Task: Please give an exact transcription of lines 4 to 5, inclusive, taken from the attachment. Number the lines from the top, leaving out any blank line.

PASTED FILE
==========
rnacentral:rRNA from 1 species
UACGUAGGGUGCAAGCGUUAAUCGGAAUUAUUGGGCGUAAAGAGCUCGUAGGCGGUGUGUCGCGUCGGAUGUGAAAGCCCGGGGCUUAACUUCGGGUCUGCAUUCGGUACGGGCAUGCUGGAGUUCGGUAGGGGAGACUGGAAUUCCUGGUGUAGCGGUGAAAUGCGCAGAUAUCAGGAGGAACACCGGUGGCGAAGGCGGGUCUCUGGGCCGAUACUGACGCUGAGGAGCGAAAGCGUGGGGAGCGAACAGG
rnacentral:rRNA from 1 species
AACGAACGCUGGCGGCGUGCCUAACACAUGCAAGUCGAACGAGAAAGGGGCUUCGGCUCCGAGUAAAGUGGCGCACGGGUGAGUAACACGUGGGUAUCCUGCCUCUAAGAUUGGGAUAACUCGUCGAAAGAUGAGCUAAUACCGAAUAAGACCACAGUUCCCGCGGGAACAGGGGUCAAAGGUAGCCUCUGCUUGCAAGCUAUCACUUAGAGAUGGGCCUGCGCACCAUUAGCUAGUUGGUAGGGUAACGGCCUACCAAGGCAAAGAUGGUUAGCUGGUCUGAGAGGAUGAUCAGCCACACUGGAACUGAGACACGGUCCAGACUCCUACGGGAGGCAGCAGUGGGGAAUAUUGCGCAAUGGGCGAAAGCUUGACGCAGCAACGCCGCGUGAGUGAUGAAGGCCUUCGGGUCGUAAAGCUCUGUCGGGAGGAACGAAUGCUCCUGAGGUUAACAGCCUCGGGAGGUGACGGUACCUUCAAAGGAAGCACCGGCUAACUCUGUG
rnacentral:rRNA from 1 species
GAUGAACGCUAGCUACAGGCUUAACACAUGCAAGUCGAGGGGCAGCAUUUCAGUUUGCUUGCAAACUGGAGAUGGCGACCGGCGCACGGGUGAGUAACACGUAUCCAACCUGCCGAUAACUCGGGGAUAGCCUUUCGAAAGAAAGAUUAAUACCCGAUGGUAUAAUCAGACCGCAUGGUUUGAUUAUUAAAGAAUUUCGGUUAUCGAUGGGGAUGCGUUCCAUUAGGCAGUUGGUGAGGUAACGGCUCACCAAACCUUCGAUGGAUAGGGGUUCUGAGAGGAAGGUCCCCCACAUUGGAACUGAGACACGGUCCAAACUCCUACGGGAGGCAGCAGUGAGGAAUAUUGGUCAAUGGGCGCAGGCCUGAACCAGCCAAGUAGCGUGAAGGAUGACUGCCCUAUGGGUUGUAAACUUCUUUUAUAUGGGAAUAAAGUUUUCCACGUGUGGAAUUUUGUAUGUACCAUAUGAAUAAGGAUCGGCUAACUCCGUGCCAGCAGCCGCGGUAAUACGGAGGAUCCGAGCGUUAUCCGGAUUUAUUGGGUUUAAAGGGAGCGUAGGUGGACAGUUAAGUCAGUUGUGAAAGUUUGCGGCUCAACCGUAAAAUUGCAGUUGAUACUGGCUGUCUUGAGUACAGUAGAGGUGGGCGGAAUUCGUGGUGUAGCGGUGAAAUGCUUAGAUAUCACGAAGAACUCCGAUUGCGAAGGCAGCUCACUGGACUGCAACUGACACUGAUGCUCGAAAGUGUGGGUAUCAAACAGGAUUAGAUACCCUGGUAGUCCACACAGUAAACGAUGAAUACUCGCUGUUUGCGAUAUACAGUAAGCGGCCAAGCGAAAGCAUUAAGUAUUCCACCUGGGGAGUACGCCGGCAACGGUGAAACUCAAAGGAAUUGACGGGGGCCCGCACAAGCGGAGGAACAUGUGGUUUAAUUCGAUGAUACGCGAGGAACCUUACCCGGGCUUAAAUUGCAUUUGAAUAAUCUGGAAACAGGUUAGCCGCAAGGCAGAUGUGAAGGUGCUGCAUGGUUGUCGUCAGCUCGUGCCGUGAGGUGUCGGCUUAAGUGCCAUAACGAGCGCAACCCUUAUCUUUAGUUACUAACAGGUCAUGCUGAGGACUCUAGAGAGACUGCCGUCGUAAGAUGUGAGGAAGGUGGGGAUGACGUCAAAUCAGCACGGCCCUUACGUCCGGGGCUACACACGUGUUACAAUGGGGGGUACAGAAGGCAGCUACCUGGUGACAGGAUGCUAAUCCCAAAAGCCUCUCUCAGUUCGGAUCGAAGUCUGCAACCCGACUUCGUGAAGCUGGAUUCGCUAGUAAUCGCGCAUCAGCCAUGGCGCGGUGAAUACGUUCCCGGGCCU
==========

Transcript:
AACGAACGCUGGCGGCGUGCCUAACACAUGCAAGUCGAACGAGAAAGGGGCUUCGGCUCCGAGUAAAGUGGCGCACGGGUGAGUAACACGUGGGUAUCCUGCCUCUAAGAUUGGGAUAACUCGUCGAAAGAUGAGCUAAUACCGAAUAAGACCACAGUUCCCGCGGGAACAGGGGUCAAAGGUAGCCUCUGCUUGCAAGCUAUCACUUAGAGAUGGGCCUGCGCACCAUUAGCUAGUUGGUAGGGUAACGGCCUACCAAGGCAAAGAUGGUUAGCUGGUCUGAGAGGAUGAUCAGCCACACUGGAACUGAGACACGGUCCAGACUCCUACGGGAGGCAGCAGUGGGGAAUAUUGCGCAAUGGGCGAAAGCUUGACGCAGCAACGCCGCGUGAGUGAUGAAGGCCUUCGGGUCGUAAAGCUCUGUCGGGAGGAACGAAUGCUCCUGAGGUUAACAGCCUCGGGAGGUGACGGUACCUUCAAAGGAAGCACCGGCUAACUCUGUG
rnacentral:rRNA from 1 species